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My Ordinary Life Episode #07 Review

3 min read

Nichijou takes a slight turn towards Ghibli-world for just a few minutes…

What They Say:
This is simply our just God’s punishment, Albert. Are you dating anyone right now? If I don’t pawn this scythe and buy some food, I’ll die. If you get this question right, you’ll receive an arm!

The Review:
Content: (please note that content portions of a review may contain spoilers)
One of the advantages a show like this has is that it can go completely off the beaten path without blinking an eye. The opening to this episode, which eschews its normal opening sequence, does so with a fantasy-ish sequence that feels like it’s straight out of a Ghibli movie involving the hunt for a princess on board a ship after the King is taken into custody by an evil looking man in a suit. It has all the hallmarks of a classic show with some of the little bits of nuance to it, such as numbering the hats on the guards, and it’s the kind of story that you watch and want to really see it expanded on. Sadly, the first few minutes of this has been more interesting than the previous six episodes worth of the series itself in a lot of ways. While the color palette is a bit richer, using that with the existing style gives it a very distinct feeling.

That opening is a surreal little diversion that works rather well, but it didn’t exactly keep me in the right mindset for the rest of the show. With the previous episodes having been a bit difficult to deal with at times, this just kind of made it worse in a way since you can see that they will go far for a joke in the setup. When we get back to the girls being themselves, it’s the mild and light humor that it tries to work the best that it can but much of it still falls flat. Getting octopus wasabi for a birthday present certainly must have its meaning that goes beyond just the basic of it being a bad choice for a gift, but that’s beyond me. Another segment focuses a bit on Takasaki as he tries to figure out how to get Aioi to do her homework more regularly by working with Sakurai to see what can be done. When the show focuses on the adults, it does have some good material since it’s just the kind of standard stresses of being an adult and especially with his interest in her. He’s got such a serious voice as well which just makes his internalizing of his issues all the more amusing.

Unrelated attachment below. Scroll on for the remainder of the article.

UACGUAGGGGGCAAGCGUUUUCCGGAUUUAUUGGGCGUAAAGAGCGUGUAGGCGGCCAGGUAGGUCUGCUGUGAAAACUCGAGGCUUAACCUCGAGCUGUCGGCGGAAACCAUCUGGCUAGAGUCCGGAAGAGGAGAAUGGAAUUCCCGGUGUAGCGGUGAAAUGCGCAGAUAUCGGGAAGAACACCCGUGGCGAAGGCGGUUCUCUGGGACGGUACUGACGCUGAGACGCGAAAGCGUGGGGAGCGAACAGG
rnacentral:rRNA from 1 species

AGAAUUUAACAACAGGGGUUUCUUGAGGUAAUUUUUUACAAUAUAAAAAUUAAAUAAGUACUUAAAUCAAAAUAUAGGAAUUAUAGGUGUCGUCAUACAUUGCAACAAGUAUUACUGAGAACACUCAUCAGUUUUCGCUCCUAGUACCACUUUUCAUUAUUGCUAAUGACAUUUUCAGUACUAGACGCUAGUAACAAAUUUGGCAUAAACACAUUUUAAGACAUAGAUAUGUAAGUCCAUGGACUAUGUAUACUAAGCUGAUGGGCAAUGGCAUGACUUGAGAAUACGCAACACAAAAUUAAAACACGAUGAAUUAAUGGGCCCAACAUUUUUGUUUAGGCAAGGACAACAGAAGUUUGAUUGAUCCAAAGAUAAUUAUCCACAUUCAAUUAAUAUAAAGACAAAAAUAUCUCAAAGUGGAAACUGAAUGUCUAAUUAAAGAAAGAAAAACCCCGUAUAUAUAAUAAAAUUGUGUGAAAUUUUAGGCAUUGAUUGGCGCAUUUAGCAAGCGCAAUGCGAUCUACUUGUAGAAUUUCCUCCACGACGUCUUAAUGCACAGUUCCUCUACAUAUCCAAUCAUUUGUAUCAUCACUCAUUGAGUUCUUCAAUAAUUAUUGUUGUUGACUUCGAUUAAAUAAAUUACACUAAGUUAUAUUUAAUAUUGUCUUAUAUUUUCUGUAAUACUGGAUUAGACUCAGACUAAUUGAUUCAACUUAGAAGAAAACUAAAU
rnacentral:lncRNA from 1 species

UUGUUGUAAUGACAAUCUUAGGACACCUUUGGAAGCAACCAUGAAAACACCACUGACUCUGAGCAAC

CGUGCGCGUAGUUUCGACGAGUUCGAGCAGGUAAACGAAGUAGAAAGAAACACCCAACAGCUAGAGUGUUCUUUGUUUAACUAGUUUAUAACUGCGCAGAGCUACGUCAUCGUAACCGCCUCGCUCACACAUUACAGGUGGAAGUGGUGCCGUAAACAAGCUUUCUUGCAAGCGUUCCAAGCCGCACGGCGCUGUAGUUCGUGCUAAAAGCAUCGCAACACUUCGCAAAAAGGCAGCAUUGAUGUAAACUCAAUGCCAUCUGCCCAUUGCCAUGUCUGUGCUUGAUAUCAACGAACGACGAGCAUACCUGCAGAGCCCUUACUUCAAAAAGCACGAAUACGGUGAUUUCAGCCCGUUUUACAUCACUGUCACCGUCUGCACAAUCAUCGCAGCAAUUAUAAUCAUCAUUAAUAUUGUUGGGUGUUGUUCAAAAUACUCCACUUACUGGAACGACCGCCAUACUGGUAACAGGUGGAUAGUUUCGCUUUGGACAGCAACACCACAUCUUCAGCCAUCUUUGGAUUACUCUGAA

In Summary:
After hearing a bit about how the opening sequence was something that needed to be seen, I can agree with that in a basic way because it shows just what kind of interesting material they can make using this particular style. What this episode reinforced with me is that when it focuses on the kids themselves, I find myself losing interest since the humor just falls flat for me. There are little bits that do tend to work, as we’ve commented on the cat being an easy win in each episode, and some of the professors material, but when it comes to the schoolgirls or the Helvetica Standard or the Short Thoughts sequences, it’s bland and banal. When the show succeeds, it ends up achieving mediocrity though. When a show leaves you wanting it to focus on just a particular character (i.e. the cat!) instead of the rest of the cast, that’s generally not a good sign.

Grade: C

Simulcast By: Crunchyroll

Review Equipment:
Sony KDS-R70XBR2 70″ LCoS 1080P HDTV, Dell 10.1 Netbook via HDMI set to 1080p, Onkyo TX-SR605 Receiver and Panasonic SB-TP20S Multi-Channel Speaker System With 100-Watt Subwoofer.

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